The best salesmen all have a good gimmick. Just ask Brea Olinda High School math teacher Scott Malloy, California's newest Teacher of the Year, who has turned teaching into a dramatic art.
He spends every day trying to get kids to buy into the concept of math, and boy, has he got one heck of a gimmick.
Malloy, 36, has donned a Dr. Evil costume (of "Austin Powers" fame) on more than one occasion, arriving at work dressed up "for no reason." He reprised that role on Halloween, in the homecoming parade and for the school's annual "Mr. Brea" contest.
Well, he had to do something for that last contest. For three years, entering as himself, he'd lost. Last year, as Dr. Evil, he won.
No wonder Dr. Evil and Austin Powers paraphernalia are plastered all over his classroom: on a computer screen saver, on posters, on a calendar, even in toy figures on his desk.
"I am not obsessed with Dr. Evil," he says as his students burst out in disbelieving laughter.
But ever since his first appearance in character, the gimmick stuck, and students filled his classroom with toys. "I understand now how frog collections start, but I don't mind," says Malloy, a 13-year teaching veteran. "You need some sort of shtick in this business."
Dr. Evil, of course, has little to do with calculus, trigonometry or computer science. But it is the shtick that opens the door to learning.
Malloy's friend and colleague, English teacher David Razor, is quick to point out that Malloy is quite serious. He enjoys talking politics, literature and current events. In fact, Malloy didn't even think "Austin Powers" was all that great a movie.
In many ways, Malloy is the stereotypical math geek. He has been known to graph his weight, and his eyes grow bright as he starts talking about Euclid and "gorgeous" theorems.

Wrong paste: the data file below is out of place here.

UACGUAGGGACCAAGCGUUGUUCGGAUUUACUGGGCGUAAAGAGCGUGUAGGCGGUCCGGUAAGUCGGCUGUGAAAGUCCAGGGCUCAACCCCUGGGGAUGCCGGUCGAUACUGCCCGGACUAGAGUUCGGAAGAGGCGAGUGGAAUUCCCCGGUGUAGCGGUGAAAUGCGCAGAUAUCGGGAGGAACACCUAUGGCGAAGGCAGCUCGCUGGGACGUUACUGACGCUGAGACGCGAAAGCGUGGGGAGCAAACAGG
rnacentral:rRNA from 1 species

This is why, to his friends, the Dr. Evil persona is so amusing.
"He's such a consummate professional," Razor says. "Scott does that--he plays the role--but teaching is an act. It's a calculated attempt to engage the students."
It is obviously working. His students, in all seriousness, spout teaching cliches, genuinely meaning every word.
"He makes learning fun," says Brian Malotte, 16.
"He tries to be your friend," says Matt Case, 17.
"He's my hero," says K.C. Santos, 17. "There's only one statement that wraps it up. Mr. Malloy is the King of the State. . . . And I don't even like math!"
When they are pushed to expound, it doesn't take long for the concrete examples to start flying. He plays chess with Case every day after school. He comes in at any hour to help a student with a difficult assignment. He challenges them. He entertains them.
And, says 17-year-old Kenny Edgar, "We sing!"
In Edgar's trigonometry class, Malloy has taught his students a little ditty, "The Quadratic Equation Song," which they sing in a jaunty melody, sometimes in rounds. "X equals negative B plus or minus . . . " well, you get the point.
"That's the only reason I know it," Edgar says. In Malloy's calculus class, he inspired his students to sing in Latin--quod erat demonstrandum (that which was to be proved)--in a chant at the end of each problem.
But Malloy seems to find everything about math engaging.
"The limit of a product is the product of two limits," Malloy tells the class. "Sooo cute. Beautiful."
At the beginning of the year, students clamor to get into his classes, which are as hard as high school math gets.
For kicks, his students last year painted the Fundamental Theorem of Calculus on a huge board and staked it into the hill outside Malloy's classroom.
It's still there, Malloy points out, having survived rain, wind, sleet, and a grass fire. He feared school administrators might get mad: The students, after all, had trespassed on the hill next to the high school.
One teacher remarked to Malloy that the math sign was "the greatest show of academic spirit in the last 10 years." Principal Doug Kimberly has been known to show it off to visitors.
Malloy is one of five California Teachers of the Year, but the only one who will represent the state in the national competition.
"There's nothing else I've ever liked," he says of his career. "You're teaching kids. It's metaphysical. I'm saying something, and they say, 'Oh, I understand it.' It's miraculous . . . It's corny, but you pass on education to young people. I wouldn't trade that for anything."